Does this mean JoJo that your average children are expected to get level 5c at end of Y6?
  11. I live in East Sussex and the LEA decides how much prgoress a child should make every year! Most of which have to progress 2 sub levels over a year. So maybe check with your LEA?
  12. yr 2 average pupil - level 2b
    If all expected to make 2 sublevels per year, as you say:
    yr 3 - 3c
    yr 4 - 3a
    yr 5 - 4b
    yr 6 - 5c
    In other words, all average children in year 2 are expected to be well above average by year 6.

    Realistically, good progress is between 1 and 2 sublevels per year.

    A 3c child in year 3 might have only just scraped into 3c, but end the year as a high 3b - it will appear to be just 1 sublevel, but the underlying progress could be almost 2 sublevels.

    Unfortunately, from the bald sublevels, no-one can tell which end of 3b they are at. (But the year 4 teacher will probably easily get 2 sublevels out of the same child with no more effort than it took to get one sublevel in year 3.)

    Overall, for the whole cohort, you'd hope to see an average progress of between 1 and 2 sublevels, but that does not mean that the children who only register one sublevel in a particular year are actually making less than adequate progress. They will very likely make 2 sublevels the following year (not necessarily of course, and it is a good idea to keep an eye on their progress - but not to assume without any further thinking that they have made progress.) Unfortunately this isn't at all obvious unless it affects your performance management and you have to think hard about it!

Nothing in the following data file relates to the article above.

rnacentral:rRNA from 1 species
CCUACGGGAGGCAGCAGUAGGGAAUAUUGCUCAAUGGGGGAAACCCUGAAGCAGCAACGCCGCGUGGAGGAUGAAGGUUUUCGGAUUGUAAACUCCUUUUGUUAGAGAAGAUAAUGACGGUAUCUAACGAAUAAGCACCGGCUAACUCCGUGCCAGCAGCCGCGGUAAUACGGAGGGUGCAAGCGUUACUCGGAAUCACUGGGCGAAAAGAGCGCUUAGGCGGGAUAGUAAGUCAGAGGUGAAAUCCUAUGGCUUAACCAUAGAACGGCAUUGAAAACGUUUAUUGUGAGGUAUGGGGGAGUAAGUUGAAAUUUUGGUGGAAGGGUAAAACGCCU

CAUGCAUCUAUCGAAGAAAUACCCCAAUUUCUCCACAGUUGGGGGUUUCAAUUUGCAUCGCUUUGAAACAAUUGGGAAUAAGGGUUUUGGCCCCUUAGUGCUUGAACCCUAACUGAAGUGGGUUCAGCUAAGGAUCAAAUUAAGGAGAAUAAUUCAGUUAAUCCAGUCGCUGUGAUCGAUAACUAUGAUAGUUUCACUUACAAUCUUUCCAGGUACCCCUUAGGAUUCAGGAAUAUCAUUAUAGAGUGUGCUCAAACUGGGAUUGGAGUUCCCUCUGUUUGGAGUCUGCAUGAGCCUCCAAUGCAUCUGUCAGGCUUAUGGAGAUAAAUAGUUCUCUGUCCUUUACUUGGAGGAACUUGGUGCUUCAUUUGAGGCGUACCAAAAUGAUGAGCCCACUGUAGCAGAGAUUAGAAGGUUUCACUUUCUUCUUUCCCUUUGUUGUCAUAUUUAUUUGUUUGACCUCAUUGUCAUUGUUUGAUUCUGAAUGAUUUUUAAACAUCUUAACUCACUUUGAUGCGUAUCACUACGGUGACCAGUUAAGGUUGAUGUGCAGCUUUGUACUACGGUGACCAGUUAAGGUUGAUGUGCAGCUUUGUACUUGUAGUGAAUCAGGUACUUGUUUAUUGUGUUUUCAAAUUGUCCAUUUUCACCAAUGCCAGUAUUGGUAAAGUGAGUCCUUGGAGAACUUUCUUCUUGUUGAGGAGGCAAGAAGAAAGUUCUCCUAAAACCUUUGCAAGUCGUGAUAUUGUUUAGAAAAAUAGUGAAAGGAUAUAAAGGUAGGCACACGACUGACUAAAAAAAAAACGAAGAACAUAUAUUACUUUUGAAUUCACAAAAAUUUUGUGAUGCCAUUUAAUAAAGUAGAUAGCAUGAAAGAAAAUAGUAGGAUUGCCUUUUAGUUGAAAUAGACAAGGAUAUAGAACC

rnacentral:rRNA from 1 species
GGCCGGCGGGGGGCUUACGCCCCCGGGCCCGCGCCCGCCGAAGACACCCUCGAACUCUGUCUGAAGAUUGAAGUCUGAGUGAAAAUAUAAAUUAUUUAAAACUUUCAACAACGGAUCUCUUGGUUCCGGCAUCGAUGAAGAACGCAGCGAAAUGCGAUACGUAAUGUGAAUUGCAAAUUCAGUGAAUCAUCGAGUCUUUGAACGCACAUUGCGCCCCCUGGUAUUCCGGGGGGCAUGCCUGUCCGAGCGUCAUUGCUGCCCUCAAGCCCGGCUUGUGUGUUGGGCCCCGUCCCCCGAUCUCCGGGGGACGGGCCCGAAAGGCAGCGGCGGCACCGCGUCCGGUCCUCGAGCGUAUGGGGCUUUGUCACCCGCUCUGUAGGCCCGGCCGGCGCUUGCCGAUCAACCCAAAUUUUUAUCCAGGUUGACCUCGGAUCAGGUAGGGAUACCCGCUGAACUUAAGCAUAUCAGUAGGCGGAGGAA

Even FFT table D results from the highest-achieving schools) get just under 2 sublevels per year.

    Average achievement is, of course, not good enough, because everyone has to be above average...

    It's all very well saying 'but they're targets, you need to aim high' (what I've been told) - what happened to SMART targets: achieveable and realistic?
    OK. I'll shut up for a bit now. And go back to analysing pointless points. Sorry I went on so.
  13. I have found this it is from the lancs site but is also on the new primsry strategy. It's a bit confusing at first but look at the colours
    grey = average level
    yellow = underperforming

    It is arranged in terms so for the summer term look at the colours on the right hand side

    Maths/writing/reading year 4

    average = secure 3 and upper 3 eg 3b/3a
    underperforming = 2a/3c



    Hope this helps you with you concrete evidence
  14. some of my class have stayed the same but two went up four sublevels, and others were in between. I think 1 level in two years is expected but it depends on the child, teacher assessment or test results (may have an off day).
    One boy came in at 3b for maths. In the practice QCA paper we did (2003 test) he got a 4a. In the actual QCA test (2006 test) he got a 3a. How do I justify the fact that he went up 1 sublevel?